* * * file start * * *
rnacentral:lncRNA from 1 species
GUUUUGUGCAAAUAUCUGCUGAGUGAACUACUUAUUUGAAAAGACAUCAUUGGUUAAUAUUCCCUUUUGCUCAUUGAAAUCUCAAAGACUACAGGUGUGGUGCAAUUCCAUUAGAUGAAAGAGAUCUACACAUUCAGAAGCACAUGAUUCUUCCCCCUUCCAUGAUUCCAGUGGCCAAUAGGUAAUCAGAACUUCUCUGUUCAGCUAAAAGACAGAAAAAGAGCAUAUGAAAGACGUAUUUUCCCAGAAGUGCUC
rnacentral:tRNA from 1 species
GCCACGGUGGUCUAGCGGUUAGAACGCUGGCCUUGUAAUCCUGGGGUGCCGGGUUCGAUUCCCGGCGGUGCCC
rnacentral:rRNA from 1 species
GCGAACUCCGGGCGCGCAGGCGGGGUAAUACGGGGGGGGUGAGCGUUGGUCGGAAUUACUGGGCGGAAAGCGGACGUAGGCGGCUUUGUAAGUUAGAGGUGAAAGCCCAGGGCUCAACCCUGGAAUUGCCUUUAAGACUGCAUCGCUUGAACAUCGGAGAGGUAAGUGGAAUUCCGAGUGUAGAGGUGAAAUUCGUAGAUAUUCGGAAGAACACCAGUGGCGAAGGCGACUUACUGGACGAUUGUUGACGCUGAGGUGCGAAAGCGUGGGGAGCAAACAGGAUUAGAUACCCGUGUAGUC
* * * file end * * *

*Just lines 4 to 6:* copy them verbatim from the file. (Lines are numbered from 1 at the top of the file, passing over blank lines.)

GCCACGGUGGUCUAGCGGUUAGAACGCUGGCCUUGUAAUCCUGGGGUGCCGGGUUCGAUUCCCGGCGGUGCCC
rnacentral:rRNA from 1 species
GCGAACUCCGGGCGCGCAGGCGGGGUAAUACGGGGGGGGUGAGCGUUGGUCGGAAUUACUGGGCGGAAAGCGGACGUAGGCGGCUUUGUAAGUUAGAGGUGAAAGCCCAGGGCUCAACCCUGGAAUUGCCUUUAAGACUGCAUCGCUUGAACAUCGGAGAGGUAAGUGGAAUUCCGAGUGUAGAGGUGAAAUUCGUAGAUAUUCGGAAGAACACCAGUGGCGAAGGCGACUUACUGGACGAUUGUUGACGCUGAGGUGCGAAAGCGUGGGGAGCAAACAGGAUUAGAUACCCGUGUAGUC